Open Thinkering


Things I Learned This Week – #47

Red trees, LWPF, & a path

Offline this week I learned that large beanbags offer the most comfortable typing position ever, not to drink cheap red wine, and that the seats by the Chinese books in Newcastle City Library are almost always vacant… 😉


[vimeo w=649&h=519]

Productivity & Inspiration

James Bond is a hero because the tougher the world got, the cooler he got. Symphony conductors don’t endure the pressure of a performance, they thrive on it.

If being a little behind creates self-pressure that leads to stress and then errors, it’s no wonder you frequently end up a lot behind. If the way you manage your brand inevitably leads to a ceaseless race to the bottom, it’s no wonder that you’re struggling. A small bump gets magnified and repeated until it overwhelms.

Education & Academic

  • The ‘Justice’ course at Harvard is its most popular. Now you can join in and debate where Jack Bauer should torture people.
  • Love him or hate him, Stephen Downes knows his stuff:

The person whose voice is most respected in any group is not the person who leads, or is smartest, or is even right. It is the person perceived by the rest to have the least self-interest, the person who is there to help rather than the person who is there to pursue an agenda or toot their own horn. A minute spent helping the other person achieve their ends (which are often not even in conflict with yours) is far more productive than a minute spent arguing with them.

  • I love the fact that social networks such as Twitter coupled with the blogs and random stuff people collect allow me to peer into their thoughts. Take Joss Winn’s things that stick, for example, which turned up this gem recently:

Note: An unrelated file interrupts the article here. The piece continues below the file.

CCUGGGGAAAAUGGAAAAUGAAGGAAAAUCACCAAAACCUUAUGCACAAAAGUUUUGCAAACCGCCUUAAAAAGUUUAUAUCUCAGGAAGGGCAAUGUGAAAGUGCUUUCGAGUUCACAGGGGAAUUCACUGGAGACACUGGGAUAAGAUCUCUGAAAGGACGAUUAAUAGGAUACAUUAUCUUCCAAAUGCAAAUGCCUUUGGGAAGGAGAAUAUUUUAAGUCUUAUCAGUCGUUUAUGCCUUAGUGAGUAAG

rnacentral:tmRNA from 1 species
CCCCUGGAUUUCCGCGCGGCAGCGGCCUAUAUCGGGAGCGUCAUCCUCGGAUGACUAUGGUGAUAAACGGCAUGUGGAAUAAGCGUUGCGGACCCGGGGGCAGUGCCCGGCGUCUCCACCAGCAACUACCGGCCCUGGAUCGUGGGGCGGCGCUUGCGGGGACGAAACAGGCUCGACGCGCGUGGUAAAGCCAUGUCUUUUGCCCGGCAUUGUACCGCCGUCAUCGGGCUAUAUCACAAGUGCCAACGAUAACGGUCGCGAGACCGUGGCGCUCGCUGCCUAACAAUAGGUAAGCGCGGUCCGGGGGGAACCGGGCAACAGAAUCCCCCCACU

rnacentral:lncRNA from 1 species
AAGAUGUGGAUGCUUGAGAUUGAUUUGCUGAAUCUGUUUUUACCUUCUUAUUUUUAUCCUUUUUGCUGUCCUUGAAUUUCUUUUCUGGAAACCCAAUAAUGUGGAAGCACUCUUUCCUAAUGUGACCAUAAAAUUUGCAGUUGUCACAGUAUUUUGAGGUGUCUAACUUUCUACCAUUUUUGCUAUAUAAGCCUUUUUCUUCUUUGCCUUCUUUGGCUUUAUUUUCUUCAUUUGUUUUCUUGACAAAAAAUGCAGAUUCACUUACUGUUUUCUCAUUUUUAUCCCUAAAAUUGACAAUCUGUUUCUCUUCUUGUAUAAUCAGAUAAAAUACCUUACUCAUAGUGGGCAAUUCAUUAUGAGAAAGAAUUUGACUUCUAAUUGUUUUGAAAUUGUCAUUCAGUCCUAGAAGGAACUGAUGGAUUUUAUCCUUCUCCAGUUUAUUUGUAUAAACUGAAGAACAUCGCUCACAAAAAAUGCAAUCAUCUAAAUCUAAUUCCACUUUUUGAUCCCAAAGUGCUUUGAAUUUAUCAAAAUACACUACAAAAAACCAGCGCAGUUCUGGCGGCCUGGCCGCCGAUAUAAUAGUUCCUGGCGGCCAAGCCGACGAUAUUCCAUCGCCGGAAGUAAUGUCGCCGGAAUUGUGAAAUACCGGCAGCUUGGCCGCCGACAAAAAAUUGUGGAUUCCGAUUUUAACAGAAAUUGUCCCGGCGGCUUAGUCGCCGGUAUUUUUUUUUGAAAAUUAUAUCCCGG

Historically regimes do undergo radical change. Succession tends to begin within a network of pioneering organisations, technologies and users that form a niche practice on the margins. Niche situations (e.g. unusual applications,demonstration programmes, social movements) provide space for new ideas, artefacts, and practices to develop without full exposure to the range of processes channeling regime development

Niche-based approaches explore problem framings (e.g.mobility, food, energy services) and search for solutions – in contrast to technology demonstration projects that begin with ‘technical solutions’ to tightly framed problems. Niche practices that resonate with widespread public concern sometimes catch on, get copied, become adapted and spread.

Data, Design & Infographics

  • 20 Things I Learned is a wonderful example of what CSS3, the power of Google, and some design thinking can bring you.
  • Animated gifs created from seminal films. Freaky. And here’ how to create your own.

LinkedIn treemap


  • Best. Autocorrect. Ever.


So we’re in line, going through one at a time. One of our Soldiers had his Gerber multi-tool. TSA confiscated it. Kind of ridiculous, but it gets better. A few minutes later, a guy empties his pockets and has a pair of nail clippers. Nail clippers. TSA informs the Soldier that they’re going to confiscate his nail clippers. The conversation went something like this:

TSA Guy: You can’t take those on the plane.

Soldier: What? I’ve had them since we left country.

TSA Guy: You’re not suppose to have them.

Soldier: Why?

TSA Guy: They can be used as a weapon.

Soldier: [touches butt stock of the rifle] But this actually is a weapon. And I’m allowed to take it on.

TSA Guy: Yeah but you can’t use it to take over the plane. You don’t have bullets.

Soldier: And I can take over the plane with nail clippers?

TSA Guy: [awkward silence]

Me: Dude, just give him your damn nail clippers so we can get the f**k out of here. I’ll buy you a new set.

Soldier: [hands nail clippers to TSA guy, makes it through security]

This might be a good time to remind everyone that approximately 233 people re-boarded that plane with assault rifles, pistols, and machine guns-but nothing that could have been used as a weapon.

  • Pointless or profound? You decide. 4’33” is silence ‘played’ by a full orcehstra:



Great works are performed, not by strength, but by perseverance. (Samuel Johnson)

A life spent making mistakes is not only more honourable, but more useful than a life spent doing nothing. (George Bernard Shaw)

Strength is a matter of a made up mind. (John Beecher)

If you wish to know the mind of a man, listen to his words. (Johann Wolfgang von Goethe)

When one realises one is asleep, at that moment one is already half-awake. (P. D. Ouspensky)

(more quotations at my page)

Main image CC BY-SA joiseyshowaa

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